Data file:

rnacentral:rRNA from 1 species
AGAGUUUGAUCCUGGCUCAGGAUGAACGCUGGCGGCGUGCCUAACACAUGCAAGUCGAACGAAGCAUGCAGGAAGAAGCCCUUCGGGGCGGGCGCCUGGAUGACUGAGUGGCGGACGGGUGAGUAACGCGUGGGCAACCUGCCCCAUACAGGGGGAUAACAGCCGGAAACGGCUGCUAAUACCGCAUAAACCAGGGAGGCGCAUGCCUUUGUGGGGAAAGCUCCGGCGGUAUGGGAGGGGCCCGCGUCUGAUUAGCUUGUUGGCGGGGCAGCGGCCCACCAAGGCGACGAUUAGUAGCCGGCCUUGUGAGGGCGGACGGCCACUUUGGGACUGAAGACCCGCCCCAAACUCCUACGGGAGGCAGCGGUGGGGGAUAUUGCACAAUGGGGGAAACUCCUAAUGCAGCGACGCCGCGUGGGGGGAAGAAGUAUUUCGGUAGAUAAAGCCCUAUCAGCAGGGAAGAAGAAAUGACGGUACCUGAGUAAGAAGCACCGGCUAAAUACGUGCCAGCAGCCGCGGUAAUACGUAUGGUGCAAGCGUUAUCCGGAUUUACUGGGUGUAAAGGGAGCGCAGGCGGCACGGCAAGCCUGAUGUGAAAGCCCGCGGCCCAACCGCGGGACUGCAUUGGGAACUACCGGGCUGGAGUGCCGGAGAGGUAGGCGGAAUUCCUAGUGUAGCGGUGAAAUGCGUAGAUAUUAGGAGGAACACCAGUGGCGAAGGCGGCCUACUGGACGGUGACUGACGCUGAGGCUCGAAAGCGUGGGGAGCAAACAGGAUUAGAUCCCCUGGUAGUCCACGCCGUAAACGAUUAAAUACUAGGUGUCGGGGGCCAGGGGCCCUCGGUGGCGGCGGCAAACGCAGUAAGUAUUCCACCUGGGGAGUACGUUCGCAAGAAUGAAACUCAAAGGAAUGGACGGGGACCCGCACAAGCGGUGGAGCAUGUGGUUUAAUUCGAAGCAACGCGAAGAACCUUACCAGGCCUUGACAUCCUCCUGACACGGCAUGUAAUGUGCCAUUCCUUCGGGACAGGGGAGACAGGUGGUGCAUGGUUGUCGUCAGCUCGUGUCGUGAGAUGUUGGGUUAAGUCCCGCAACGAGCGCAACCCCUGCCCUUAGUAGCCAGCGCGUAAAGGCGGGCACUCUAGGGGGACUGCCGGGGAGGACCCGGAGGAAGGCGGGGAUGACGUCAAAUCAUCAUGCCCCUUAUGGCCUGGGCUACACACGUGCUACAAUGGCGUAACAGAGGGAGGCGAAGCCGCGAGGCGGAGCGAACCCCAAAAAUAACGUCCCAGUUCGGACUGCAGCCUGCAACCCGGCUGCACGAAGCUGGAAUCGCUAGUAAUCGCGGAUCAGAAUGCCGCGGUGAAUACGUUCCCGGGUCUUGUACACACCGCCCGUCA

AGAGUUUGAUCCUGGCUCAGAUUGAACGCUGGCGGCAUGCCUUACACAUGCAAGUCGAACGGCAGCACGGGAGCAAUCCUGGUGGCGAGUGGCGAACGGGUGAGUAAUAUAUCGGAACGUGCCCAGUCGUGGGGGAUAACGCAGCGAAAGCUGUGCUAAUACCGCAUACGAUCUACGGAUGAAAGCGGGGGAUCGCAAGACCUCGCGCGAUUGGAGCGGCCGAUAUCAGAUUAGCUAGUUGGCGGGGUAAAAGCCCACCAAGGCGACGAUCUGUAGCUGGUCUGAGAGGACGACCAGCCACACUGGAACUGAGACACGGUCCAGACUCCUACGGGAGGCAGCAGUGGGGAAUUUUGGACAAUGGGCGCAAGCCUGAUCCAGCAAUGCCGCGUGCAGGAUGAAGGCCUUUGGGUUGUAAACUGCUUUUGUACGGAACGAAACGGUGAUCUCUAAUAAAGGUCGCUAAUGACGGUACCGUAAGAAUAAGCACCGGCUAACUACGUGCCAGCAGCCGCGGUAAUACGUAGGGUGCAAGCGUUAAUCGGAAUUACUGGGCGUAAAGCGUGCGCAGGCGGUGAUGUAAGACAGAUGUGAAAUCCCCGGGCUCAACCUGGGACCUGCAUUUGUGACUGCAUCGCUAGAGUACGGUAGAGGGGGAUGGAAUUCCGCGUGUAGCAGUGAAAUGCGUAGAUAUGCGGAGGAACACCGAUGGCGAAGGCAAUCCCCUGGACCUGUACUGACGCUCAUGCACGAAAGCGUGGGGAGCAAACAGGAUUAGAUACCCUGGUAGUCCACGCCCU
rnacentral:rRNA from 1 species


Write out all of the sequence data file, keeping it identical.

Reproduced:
rnacentral:rRNA from 1 species
AGAGUUUGAUCCUGGCUCAGGAUGAACGCUGGCGGCGUGCCUAACACAUGCAAGUCGAACGAAGCAUGCAGGAAGAAGCCCUUCGGGGCGGGCGCCUGGAUGACUGAGUGGCGGACGGGUGAGUAACGCGUGGGCAACCUGCCCCAUACAGGGGGAUAACAGCCGGAAACGGCUGCUAAUACCGCAUAAACCAGGGAGGCGCAUGCCUUUGUGGGGAAAGCUCCGGCGGUAUGGGAGGGGCCCGCGUCUGAUUAGCUUGUUGGCGGGGCAGCGGCCCACCAAGGCGACGAUUAGUAGCCGGCCUUGUGAGGGCGGACGGCCACUUUGGGACUGAAGACCCGCCCCAAACUCCUACGGGAGGCAGCGGUGGGGGAUAUUGCACAAUGGGGGAAACUCCUAAUGCAGCGACGCCGCGUGGGGGGAAGAAGUAUUUCGGUAGAUAAAGCCCUAUCAGCAGGGAAGAAGAAAUGACGGUACCUGAGUAAGAAGCACCGGCUAAAUACGUGCCAGCAGCCGCGGUAAUACGUAUGGUGCAAGCGUUAUCCGGAUUUACUGGGUGUAAAGGGAGCGCAGGCGGCACGGCAAGCCUGAUGUGAAAGCCCGCGGCCCAACCGCGGGACUGCAUUGGGAACUACCGGGCUGGAGUGCCGGAGAGGUAGGCGGAAUUCCUAGUGUAGCGGUGAAAUGCGUAGAUAUUAGGAGGAACACCAGUGGCGAAGGCGGCCUACUGGACGGUGACUGACGCUGAGGCUCGAAAGCGUGGGGAGCAAACAGGAUUAGAUCCCCUGGUAGUCCACGCCGUAAACGAUUAAAUACUAGGUGUCGGGGGCCAGGGGCCCUCGGUGGCGGCGGCAAACGCAGUAAGUAUUCCACCUGGGGAGUACGUUCGCAAGAAUGAAACUCAAAGGAAUGGACGGGGACCCGCACAAGCGGUGGAGCAUGUGGUUUAAUUCGAAGCAACGCGAAGAACCUUACCAGGCCUUGACAUCCUCCUGACACGGCAUGUAAUGUGCCAUUCCUUCGGGACAGGGGAGACAGGUGGUGCAUGGUUGUCGUCAGCUCGUGUCGUGAGAUGUUGGGUUAAGUCCCGCAACGAGCGCAACCCCUGCCCUUAGUAGCCAGCGCGUAAAGGCGGGCACUCUAGGGGGACUGCCGGGGAGGACCCGGAGGAAGGCGGGGAUGACGUCAAAUCAUCAUGCCCCUUAUGGCCUGGGCUACACACGUGCUACAAUGGCGUAACAGAGGGAGGCGAAGCCGCGAGGCGGAGCGAACCCCAAAAAUAACGUCCCAGUUCGGACUGCAGCCUGCAACCCGGCUGCACGAAGCUGGAAUCGCUAGUAAUCGCGGAUCAGAAUGCCGCGGUGAAUACGUUCCCGGGUCUUGUACACACCGCCCGUCA

AGAGUUUGAUCCUGGCUCAGAUUGAACGCUGGCGGCAUGCCUUACACAUGCAAGUCGAACGGCAGCACGGGAGCAAUCCUGGUGGCGAGUGGCGAACGGGUGAGUAAUAUAUCGGAACGUGCCCAGUCGUGGGGGAUAACGCAGCGAAAGCUGUGCUAAUACCGCAUACGAUCUACGGAUGAAAGCGGGGGAUCGCAAGACCUCGCGCGAUUGGAGCGGCCGAUAUCAGAUUAGCUAGUUGGCGGGGUAAAAGCCCACCAAGGCGACGAUCUGUAGCUGGUCUGAGAGGACGACCAGCCACACUGGAACUGAGACACGGUCCAGACUCCUACGGGAGGCAGCAGUGGGGAAUUUUGGACAAUGGGCGCAAGCCUGAUCCAGCAAUGCCGCGUGCAGGAUGAAGGCCUUUGGGUUGUAAACUGCUUUUGUACGGAACGAAACGGUGAUCUCUAAUAAAGGUCGCUAAUGACGGUACCGUAAGAAUAAGCACCGGCUAACUACGUGCCAGCAGCCGCGGUAAUACGUAGGGUGCAAGCGUUAAUCGGAAUUACUGGGCGUAAAGCGUGCGCAGGCGGUGAUGUAAGACAGAUGUGAAAUCCCCGGGCUCAACCUGGGACCUGCAUUUGUGACUGCAUCGCUAGAGUACGGUAGAGGGGGAUGGAAUUCCGCGUGUAGCAGUGAAAUGCGUAGAUAUGCGGAGGAACACCGAUGGCGAAGGCAAUCCCCUGGACCUGUACUGACGCUCAUGCACGAAAGCGUGGGGAGCAAACAGGAUUAGAUACCCUGGUAGUCCACGCCCU
rnacentral:rRNA from 1 species